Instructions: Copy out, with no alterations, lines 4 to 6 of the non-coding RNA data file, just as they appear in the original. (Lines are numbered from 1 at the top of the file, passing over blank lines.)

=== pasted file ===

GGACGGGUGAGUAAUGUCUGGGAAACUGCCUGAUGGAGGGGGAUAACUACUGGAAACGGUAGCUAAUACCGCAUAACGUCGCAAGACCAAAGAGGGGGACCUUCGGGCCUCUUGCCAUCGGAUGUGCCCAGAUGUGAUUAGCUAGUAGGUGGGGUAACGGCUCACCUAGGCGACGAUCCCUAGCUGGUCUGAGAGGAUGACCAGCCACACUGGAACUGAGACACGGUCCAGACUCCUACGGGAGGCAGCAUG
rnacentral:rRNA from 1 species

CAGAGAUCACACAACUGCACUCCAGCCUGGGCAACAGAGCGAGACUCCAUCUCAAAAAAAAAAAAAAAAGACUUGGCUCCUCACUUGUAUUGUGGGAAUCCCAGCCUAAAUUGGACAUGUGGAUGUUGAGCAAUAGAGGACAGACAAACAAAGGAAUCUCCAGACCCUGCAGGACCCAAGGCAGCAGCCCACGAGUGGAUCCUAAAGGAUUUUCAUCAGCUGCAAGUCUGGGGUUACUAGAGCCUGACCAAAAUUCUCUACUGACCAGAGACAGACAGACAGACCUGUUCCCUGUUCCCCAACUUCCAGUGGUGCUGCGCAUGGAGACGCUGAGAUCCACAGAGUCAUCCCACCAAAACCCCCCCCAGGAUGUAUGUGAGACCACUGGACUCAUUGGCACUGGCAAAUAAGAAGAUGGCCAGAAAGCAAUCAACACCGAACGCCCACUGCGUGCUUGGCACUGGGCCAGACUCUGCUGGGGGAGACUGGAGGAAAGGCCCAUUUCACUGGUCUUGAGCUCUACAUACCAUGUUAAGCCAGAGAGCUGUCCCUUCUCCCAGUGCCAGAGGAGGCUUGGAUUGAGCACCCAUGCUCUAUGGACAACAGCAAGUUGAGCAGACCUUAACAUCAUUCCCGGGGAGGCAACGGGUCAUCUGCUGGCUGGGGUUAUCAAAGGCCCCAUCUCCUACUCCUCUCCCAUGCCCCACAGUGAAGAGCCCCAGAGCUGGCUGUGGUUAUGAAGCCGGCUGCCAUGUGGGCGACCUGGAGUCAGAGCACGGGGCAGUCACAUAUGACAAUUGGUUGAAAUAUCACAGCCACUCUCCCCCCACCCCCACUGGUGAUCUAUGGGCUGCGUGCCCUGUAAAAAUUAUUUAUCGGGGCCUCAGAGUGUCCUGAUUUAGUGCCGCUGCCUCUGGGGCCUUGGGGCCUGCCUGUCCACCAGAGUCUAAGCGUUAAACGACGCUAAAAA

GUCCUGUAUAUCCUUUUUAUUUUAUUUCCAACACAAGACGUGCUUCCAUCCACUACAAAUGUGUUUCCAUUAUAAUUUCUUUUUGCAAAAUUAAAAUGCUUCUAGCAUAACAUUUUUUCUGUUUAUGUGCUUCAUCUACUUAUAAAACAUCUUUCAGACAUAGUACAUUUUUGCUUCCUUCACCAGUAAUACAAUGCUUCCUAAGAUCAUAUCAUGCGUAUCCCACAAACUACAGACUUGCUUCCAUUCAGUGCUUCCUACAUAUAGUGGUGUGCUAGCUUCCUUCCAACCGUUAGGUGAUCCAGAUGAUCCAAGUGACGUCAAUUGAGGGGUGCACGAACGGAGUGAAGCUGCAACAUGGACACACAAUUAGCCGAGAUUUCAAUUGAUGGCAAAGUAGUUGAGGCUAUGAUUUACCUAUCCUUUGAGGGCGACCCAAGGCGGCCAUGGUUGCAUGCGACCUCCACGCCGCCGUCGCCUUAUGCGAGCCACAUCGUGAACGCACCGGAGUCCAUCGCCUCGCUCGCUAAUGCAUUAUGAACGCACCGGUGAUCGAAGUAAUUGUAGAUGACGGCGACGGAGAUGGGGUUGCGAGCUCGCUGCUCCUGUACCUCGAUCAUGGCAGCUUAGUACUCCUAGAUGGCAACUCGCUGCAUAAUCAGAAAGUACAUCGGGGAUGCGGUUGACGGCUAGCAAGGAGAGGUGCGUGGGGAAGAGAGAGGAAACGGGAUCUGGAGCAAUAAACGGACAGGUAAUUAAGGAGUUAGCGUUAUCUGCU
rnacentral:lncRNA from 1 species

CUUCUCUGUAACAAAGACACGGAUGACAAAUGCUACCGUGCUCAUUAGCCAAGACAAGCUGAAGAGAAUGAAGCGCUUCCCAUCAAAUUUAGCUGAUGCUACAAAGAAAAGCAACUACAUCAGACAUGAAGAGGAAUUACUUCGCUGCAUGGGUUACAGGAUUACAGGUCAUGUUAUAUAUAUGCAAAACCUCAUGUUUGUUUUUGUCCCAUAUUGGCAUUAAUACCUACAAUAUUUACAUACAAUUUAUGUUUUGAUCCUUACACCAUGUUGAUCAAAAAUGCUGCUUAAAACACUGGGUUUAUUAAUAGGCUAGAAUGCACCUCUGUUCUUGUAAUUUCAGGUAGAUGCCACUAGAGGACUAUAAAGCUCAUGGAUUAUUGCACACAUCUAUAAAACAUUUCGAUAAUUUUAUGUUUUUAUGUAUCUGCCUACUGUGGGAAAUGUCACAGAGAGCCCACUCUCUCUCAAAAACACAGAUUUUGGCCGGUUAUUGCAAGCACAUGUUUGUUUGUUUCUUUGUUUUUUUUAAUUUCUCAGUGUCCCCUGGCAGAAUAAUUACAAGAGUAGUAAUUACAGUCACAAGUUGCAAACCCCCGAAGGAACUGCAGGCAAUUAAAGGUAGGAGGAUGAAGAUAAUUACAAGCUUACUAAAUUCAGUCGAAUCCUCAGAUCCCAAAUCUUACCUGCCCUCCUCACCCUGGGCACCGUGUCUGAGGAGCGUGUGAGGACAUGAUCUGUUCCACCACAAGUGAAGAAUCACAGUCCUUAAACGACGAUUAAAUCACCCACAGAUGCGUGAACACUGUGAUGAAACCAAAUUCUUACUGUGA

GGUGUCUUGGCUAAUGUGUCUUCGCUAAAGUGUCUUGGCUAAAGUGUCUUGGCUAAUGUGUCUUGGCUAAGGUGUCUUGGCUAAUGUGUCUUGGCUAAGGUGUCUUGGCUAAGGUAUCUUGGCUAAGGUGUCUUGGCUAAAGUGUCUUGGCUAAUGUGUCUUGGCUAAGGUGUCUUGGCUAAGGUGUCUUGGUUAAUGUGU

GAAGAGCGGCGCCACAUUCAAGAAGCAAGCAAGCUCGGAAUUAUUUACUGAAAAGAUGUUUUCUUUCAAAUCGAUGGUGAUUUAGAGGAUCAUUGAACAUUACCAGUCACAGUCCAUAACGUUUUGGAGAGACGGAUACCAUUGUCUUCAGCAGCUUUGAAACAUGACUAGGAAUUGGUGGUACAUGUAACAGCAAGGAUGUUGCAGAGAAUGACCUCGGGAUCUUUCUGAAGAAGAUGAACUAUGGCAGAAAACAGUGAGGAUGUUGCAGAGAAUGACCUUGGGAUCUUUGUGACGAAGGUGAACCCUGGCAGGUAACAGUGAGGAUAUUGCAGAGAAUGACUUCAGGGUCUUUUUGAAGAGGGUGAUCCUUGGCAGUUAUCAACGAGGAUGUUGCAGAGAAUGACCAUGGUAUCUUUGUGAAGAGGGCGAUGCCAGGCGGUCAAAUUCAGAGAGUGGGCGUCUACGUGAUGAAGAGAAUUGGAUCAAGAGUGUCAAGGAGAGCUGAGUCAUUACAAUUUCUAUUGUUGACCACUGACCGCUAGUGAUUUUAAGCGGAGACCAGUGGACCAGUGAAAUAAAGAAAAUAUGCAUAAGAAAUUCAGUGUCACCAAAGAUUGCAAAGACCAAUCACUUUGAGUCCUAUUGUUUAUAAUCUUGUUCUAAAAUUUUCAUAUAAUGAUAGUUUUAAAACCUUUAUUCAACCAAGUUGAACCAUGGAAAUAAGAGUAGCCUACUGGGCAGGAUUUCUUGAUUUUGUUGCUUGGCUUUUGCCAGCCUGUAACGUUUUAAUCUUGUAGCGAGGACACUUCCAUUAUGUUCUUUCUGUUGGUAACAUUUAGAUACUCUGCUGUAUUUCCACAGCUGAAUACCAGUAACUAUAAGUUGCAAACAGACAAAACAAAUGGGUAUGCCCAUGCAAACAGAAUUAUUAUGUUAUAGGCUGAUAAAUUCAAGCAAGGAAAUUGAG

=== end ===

GUCCUGUAUAUCCUUUUUAUUUUAUUUCCAACACAAGACGUGCUUCCAUCCACUACAAAUGUGUUUCCAUUAUAAUUUCUUUUUGCAAAAUUAAAAUGCUUCUAGCAUAACAUUUUUUCUGUUUAUGUGCUUCAUCUACUUAUAAAACAUCUUUCAGACAUAGUACAUUUUUGCUUCCUUCACCAGUAAUACAAUGCUUCCUAAGAUCAUAUCAUGCGUAUCCCACAAACUACAGACUUGCUUCCAUUCAGUGCUUCCUACAUAUAGUGGUGUGCUAGCUUCCUUCCAACCGUUAGGUGAUCCAGAUGAUCCAAGUGACGUCAAUUGAGGGGUGCACGAACGGAGUGAAGCUGCAACAUGGACACACAAUUAGCCGAGAUUUCAAUUGAUGGCAAAGUAGUUGAGGCUAUGAUUUACCUAUCCUUUGAGGGCGACCCAAGGCGGCCAUGGUUGCAUGCGACCUCCACGCCGCCGUCGCCUUAUGCGAGCCACAUCGUGAACGCACCGGAGUCCAUCGCCUCGCUCGCUAAUGCAUUAUGAACGCACCGGUGAUCGAAGUAAUUGUAGAUGACGGCGACGGAGAUGGGGUUGCGAGCUCGCUGCUCCUGUACCUCGAUCAUGGCAGCUUAGUACUCCUAGAUGGCAACUCGCUGCAUAAUCAGAAAGUACAUCGGGGAUGCGGUUGACGGCUAGCAAGGAGAGGUGCGUGGGGAAGAGAGAGGAAACGGGAUCUGGAGCAAUAAACGGACAGGUAAUUAAGGAGUUAGCGUUAUCUGCU
rnacentral:lncRNA from 1 species

CUUCUCUGUAACAAAGACACGGAUGACAAAUGCUACCGUGCUCAUUAGCCAAGACAAGCUGAAGAGAAUGAAGCGCUUCCCAUCAAAUUUAGCUGAUGCUACAAAGAAAAGCAACUACAUCAGACAUGAAGAGGAAUUACUUCGCUGCAUGGGUUACAGGAUUACAGGUCAUGUUAUAUAUAUGCAAAACCUCAUGUUUGUUUUUGUCCCAUAUUGGCAUUAAUACCUACAAUAUUUACAUACAAUUUAUGUUUUGAUCCUUACACCAUGUUGAUCAAAAAUGCUGCUUAAAACACUGGGUUUAUUAAUAGGCUAGAAUGCACCUCUGUUCUUGUAAUUUCAGGUAGAUGCCACUAGAGGACUAUAAAGCUCAUGGAUUAUUGCACACAUCUAUAAAACAUUUCGAUAAUUUUAUGUUUUUAUGUAUCUGCCUACUGUGGGAAAUGUCACAGAGAGCCCACUCUCUCUCAAAAACACAGAUUUUGGCCGGUUAUUGCAAGCACAUGUUUGUUUGUUUCUUUGUUUUUUUUAAUUUCUCAGUGUCCCCUGGCAGAAUAAUUACAAGAGUAGUAAUUACAGUCACAAGUUGCAAACCCCCGAAGGAACUGCAGGCAAUUAAAGGUAGGAGGAUGAAGAUAAUUACAAGCUUACUAAAUUCAGUCGAAUCCUCAGAUCCCAAAUCUUACCUGCCCUCCUCACCCUGGGCACCGUGUCUGAGGAGCGUGUGAGGACAUGAUCUGUUCCACCACAAGUGAAGAAUCACAGUCCUUAAACGACGAUUAAAUCACCCACAGAUGCGUGAACACUGUGAUGAAACCAAAUUCUUACUGUGA